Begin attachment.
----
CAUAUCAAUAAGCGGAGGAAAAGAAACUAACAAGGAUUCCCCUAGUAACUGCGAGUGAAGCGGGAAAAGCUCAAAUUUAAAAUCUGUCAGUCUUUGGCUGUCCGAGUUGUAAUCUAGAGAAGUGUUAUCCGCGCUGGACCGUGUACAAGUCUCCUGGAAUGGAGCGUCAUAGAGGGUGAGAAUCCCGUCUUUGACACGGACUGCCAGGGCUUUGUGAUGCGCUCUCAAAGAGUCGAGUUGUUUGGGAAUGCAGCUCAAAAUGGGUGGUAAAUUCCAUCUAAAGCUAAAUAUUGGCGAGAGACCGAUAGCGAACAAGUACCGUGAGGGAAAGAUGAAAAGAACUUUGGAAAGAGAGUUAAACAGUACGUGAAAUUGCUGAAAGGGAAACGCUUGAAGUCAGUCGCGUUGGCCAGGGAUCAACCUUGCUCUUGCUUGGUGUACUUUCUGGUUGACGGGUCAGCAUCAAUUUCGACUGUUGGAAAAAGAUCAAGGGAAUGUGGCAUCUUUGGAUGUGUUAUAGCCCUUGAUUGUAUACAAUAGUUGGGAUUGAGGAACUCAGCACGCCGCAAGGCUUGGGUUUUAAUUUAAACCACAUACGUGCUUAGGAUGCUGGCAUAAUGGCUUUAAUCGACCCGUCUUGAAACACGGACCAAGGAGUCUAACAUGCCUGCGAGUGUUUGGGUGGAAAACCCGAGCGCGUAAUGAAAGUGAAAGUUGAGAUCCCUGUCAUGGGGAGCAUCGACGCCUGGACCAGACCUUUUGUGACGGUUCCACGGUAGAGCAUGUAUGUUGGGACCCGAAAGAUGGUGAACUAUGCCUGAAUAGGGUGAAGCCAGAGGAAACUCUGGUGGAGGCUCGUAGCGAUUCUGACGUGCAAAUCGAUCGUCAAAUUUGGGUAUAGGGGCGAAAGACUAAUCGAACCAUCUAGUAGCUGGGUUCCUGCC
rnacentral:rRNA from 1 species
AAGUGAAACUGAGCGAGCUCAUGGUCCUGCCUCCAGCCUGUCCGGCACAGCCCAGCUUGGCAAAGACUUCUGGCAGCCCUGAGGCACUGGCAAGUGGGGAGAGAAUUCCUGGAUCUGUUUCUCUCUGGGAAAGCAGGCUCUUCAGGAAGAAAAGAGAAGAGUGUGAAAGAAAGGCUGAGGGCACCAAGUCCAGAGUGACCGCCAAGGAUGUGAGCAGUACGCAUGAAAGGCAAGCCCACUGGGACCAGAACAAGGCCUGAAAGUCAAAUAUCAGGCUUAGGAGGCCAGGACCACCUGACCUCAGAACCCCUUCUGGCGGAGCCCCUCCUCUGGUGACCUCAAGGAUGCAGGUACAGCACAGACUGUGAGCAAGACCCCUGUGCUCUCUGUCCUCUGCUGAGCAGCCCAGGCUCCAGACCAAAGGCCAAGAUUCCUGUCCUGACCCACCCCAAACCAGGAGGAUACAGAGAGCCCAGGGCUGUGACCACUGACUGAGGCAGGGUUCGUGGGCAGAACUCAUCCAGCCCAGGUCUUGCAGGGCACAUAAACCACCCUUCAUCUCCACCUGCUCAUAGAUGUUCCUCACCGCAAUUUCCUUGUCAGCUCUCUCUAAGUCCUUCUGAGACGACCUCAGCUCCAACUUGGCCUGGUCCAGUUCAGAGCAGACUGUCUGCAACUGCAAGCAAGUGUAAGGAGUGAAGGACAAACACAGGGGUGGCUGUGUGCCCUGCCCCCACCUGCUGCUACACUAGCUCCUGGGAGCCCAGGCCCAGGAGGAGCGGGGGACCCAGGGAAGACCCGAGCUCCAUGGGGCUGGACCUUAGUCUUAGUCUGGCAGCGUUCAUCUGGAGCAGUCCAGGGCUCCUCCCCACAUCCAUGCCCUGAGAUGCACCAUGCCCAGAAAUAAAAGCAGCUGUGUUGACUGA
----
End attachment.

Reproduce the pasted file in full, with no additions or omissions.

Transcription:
CAUAUCAAUAAGCGGAGGAAAAGAAACUAACAAGGAUUCCCCUAGUAACUGCGAGUGAAGCGGGAAAAGCUCAAAUUUAAAAUCUGUCAGUCUUUGGCUGUCCGAGUUGUAAUCUAGAGAAGUGUUAUCCGCGCUGGACCGUGUACAAGUCUCCUGGAAUGGAGCGUCAUAGAGGGUGAGAAUCCCGUCUUUGACACGGACUGCCAGGGCUUUGUGAUGCGCUCUCAAAGAGUCGAGUUGUUUGGGAAUGCAGCUCAAAAUGGGUGGUAAAUUCCAUCUAAAGCUAAAUAUUGGCGAGAGACCGAUAGCGAACAAGUACCGUGAGGGAAAGAUGAAAAGAACUUUGGAAAGAGAGUUAAACAGUACGUGAAAUUGCUGAAAGGGAAACGCUUGAAGUCAGUCGCGUUGGCCAGGGAUCAACCUUGCUCUUGCUUGGUGUACUUUCUGGUUGACGGGUCAGCAUCAAUUUCGACUGUUGGAAAAAGAUCAAGGGAAUGUGGCAUCUUUGGAUGUGUUAUAGCCCUUGAUUGUAUACAAUAGUUGGGAUUGAGGAACUCAGCACGCCGCAAGGCUUGGGUUUUAAUUUAAACCACAUACGUGCUUAGGAUGCUGGCAUAAUGGCUUUAAUCGACCCGUCUUGAAACACGGACCAAGGAGUCUAACAUGCCUGCGAGUGUUUGGGUGGAAAACCCGAGCGCGUAAUGAAAGUGAAAGUUGAGAUCCCUGUCAUGGGGAGCAUCGACGCCUGGACCAGACCUUUUGUGACGGUUCCACGGUAGAGCAUGUAUGUUGGGACCCGAAAGAUGGUGAACUAUGCCUGAAUAGGGUGAAGCCAGAGGAAACUCUGGUGGAGGCUCGUAGCGAUUCUGACGUGCAAAUCGAUCGUCAAAUUUGGGUAUAGGGGCGAAAGACUAAUCGAACCAUCUAGUAGCUGGGUUCCUGCC
rnacentral:rRNA from 1 species
AAGUGAAACUGAGCGAGCUCAUGGUCCUGCCUCCAGCCUGUCCGGCACAGCCCAGCUUGGCAAAGACUUCUGGCAGCCCUGAGGCACUGGCAAGUGGGGAGAGAAUUCCUGGAUCUGUUUCUCUCUGGGAAAGCAGGCUCUUCAGGAAGAAAAGAGAAGAGUGUGAAAGAAAGGCUGAGGGCACCAAGUCCAGAGUGACCGCCAAGGAUGUGAGCAGUACGCAUGAAAGGCAAGCCCACUGGGACCAGAACAAGGCCUGAAAGUCAAAUAUCAGGCUUAGGAGGCCAGGACCACCUGACCUCAGAACCCCUUCUGGCGGAGCCCCUCCUCUGGUGACCUCAAGGAUGCAGGUACAGCACAGACUGUGAGCAAGACCCCUGUGCUCUCUGUCCUCUGCUGAGCAGCCCAGGCUCCAGACCAAAGGCCAAGAUUCCUGUCCUGACCCACCCCAAACCAGGAGGAUACAGAGAGCCCAGGGCUGUGACCACUGACUGAGGCAGGGUUCGUGGGCAGAACUCAUCCAGCCCAGGUCUUGCAGGGCACAUAAACCACCCUUCAUCUCCACCUGCUCAUAGAUGUUCCUCACCGCAAUUUCCUUGUCAGCUCUCUCUAAGUCCUUCUGAGACGACCUCAGCUCCAACUUGGCCUGGUCCAGUUCAGAGCAGACUGUCUGCAACUGCAAGCAAGUGUAAGGAGUGAAGGACAAACACAGGGGUGGCUGUGUGCCCUGCCCCCACCUGCUGCUACACUAGCUCCUGGGAGCCCAGGCCCAGGAGGAGCGGGGGACCCAGGGAAGACCCGAGCUCCAUGGGGCUGGACCUUAGUCUUAGUCUGGCAGCGUUCAUCUGGAGCAGUCCAGGGCUCCUCCCCACAUCCAUGCCCUGAGAUGCACCAUGCCCAGAAAUAAAAGCAGCUGUGUUGACUGA